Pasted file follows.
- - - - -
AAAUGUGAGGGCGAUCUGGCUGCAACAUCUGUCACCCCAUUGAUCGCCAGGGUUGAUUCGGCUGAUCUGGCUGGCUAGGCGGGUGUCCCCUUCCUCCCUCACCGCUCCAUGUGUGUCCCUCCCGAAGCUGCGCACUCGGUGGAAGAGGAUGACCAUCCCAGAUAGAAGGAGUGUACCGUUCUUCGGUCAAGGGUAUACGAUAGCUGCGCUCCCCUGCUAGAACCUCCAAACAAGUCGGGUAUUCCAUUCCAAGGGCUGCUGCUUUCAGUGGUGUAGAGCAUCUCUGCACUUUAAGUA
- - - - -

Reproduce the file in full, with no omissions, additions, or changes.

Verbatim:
AAAUGUGAGGGCGAUCUGGCUGCAACAUCUGUCACCCCAUUGAUCGCCAGGGUUGAUUCGGCUGAUCUGGCUGGCUAGGCGGGUGUCCCCUUCCUCCCUCACCGCUCCAUGUGUGUCCCUCCCGAAGCUGCGCACUCGGUGGAAGAGGAUGACCAUCCCAGAUAGAAGGAGUGUACCGUUCUUCGGUCAAGGGUAUACGAUAGCUGCGCUCCCCUGCUAGAACCUCCAAACAAGUCGGGUAUUCCAUUCCAAGGGCUGCUGCUUUCAGUGGUGUAGAGCAUCUCUGCACUUUAAGUA